Survey reflects rapid expansion of Virginia’s oyster aquaculture

  • Oyster Larvae
    Oyster Larvae  A photomicrograph of an eyed oyster larvae. Photo © Michael Congrove.  
  • Tanks
    Tanks  Oyster larvae are allowed to settle on old oyster shells in land-based tanks. Photo © Michael Congrove.  
  • Spat on shell
    Spat on shell  The brown dots are young oysters that have just settled from the larval stage into attached juveniles called spat. Photo © Michael Congrove.  
  • Planting
    Planting  A grower plants spat-on-shell oysters. Photo © Michael Congrove.  
  • spreading_spat_on_shell.jpg
     Spreading spat-on-shell from the fisheries vessel Future Harvest. Photo © Michael Congrove.  
  • check_cage.jpg
     An oyster grower checks a cage.  Photo © Margaret Pizer/VASG.
  • measure_oyster.jpg
     Measuring a clump of oysters that are ready for harvest. Photo © Michael Congrove.  
  • Harvested Oysters
    Harvested Oysters  A clump of harvested oysters.  Photo © Michael Congrove.
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Virginia’s oyster hatcheries saw a more than 18-fold increase in the number of seed and larvae sold between 2007 and 2008, according to a survey of shellfish farmers conducted by researchers from the Virginia Institute of Marine Science's Sea Grant Extension Program. The survey also found that hatcheries are predicting an additional four-fold increase in sales in 2009.

“This impressive growth is almost entirely due to sales of eyed oyster larvae to growers using remote-setting techniques,” says Tom Murray, VIMS Marine Business Specialist and Director of Virginia Sea Grant’s Marine Extension Program.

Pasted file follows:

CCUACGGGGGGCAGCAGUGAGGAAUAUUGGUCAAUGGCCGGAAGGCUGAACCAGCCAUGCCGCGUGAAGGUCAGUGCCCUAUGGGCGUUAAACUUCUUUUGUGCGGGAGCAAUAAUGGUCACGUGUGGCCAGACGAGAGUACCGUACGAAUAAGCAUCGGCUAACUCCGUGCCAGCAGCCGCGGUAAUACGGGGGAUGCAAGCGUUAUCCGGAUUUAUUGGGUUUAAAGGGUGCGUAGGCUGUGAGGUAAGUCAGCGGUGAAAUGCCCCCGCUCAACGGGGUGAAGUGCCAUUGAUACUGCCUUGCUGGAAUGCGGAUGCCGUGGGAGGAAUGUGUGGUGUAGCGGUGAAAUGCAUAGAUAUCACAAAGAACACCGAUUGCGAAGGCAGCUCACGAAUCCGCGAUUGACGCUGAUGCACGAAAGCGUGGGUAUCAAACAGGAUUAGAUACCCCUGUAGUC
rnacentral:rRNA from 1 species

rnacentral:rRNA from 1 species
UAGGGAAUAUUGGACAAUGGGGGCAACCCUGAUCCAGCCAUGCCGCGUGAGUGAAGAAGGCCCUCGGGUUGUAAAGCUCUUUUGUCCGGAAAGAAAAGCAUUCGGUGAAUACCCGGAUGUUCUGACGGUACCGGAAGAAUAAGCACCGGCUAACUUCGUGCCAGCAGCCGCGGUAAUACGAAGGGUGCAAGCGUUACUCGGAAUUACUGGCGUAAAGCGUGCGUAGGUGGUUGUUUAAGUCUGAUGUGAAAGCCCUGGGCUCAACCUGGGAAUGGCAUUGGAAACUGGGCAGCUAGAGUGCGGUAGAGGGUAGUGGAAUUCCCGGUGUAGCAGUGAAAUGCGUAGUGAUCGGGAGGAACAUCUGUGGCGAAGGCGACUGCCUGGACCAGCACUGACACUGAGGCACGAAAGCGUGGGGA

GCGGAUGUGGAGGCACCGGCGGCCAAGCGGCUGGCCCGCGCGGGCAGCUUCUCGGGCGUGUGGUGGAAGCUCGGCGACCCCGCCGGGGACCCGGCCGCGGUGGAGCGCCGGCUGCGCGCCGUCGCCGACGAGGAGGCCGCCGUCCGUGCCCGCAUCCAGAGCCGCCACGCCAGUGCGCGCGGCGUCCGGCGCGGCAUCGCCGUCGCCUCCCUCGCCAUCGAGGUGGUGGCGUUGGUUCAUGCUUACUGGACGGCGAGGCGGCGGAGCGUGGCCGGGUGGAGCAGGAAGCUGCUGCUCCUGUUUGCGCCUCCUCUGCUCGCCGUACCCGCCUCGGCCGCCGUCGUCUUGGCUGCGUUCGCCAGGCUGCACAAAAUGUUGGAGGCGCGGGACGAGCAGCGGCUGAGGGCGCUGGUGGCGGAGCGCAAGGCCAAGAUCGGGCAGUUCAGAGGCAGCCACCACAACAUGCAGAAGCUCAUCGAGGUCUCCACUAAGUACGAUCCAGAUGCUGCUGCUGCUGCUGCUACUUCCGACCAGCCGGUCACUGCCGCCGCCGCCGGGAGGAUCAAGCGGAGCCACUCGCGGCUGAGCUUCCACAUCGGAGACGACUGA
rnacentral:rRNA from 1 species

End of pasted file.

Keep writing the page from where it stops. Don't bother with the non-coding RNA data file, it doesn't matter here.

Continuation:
Remote setting, also called spat-on-shell, is a method of oyster cultivation that involves allowing larvae to settle and metamorphose on old oyster shells in land-based tanks. The shells with attached spat are then planted directly on the bottom, without cages or other structures. This allows for more economical production of clumped oysters that are suitable for shucking. Virginia hatcheries began selling oyster larvae in 2008, as spat-on-shell methods caught on, and more than 498 million larvae and seed were sold. Projected hatchery sales for 2009 come to 1.66 billion.

Oyster aquaculture, based on improved culture techniques and disease-resistant oyster seed, is replacing Chesapeake Bay’s traditional oyster fishery, which has declined significantly in recent years, primarily as a result of endemic oyster diseases and increasing wildlife predation of seed oysters.

Murray and Aquaculture Specialist Mike Oesterling have been surveying Virginia clam and oyster farmers annually beginning with the 2004 crop year. The 2008 crop survey documents a small decline in clam plantings and sales but continued growth in oyster aquaculture. More than 185 million farmed clams—worth $27.3 million—were sold by Virginia growers last year—down 13 percent from an estimated 2007 sale of 212 million clams. About 9.8 million farmed oysters went to market in 2008—up from 4.8 million in 2007, and surpassing the industry prediction of 7.3 million.

“The sale of farmed oysters by Virginia growers has increased ten-fold since our initial survey covering the 2004 crop,” says Oesterling. “In previous years, hatchery production of seed seemed to be a limiting factor in the growth of our oyster aquaculture industry, but the data suggest that hatcheries are ramping up production to meet the demand for seed and larvae.”

The study notes overall growth in employment in shellfish aquaculture while indicating the difficulty in estimating actual employment numbers for what are still relatively small oyster culture operations.

The complete report can be downloaded at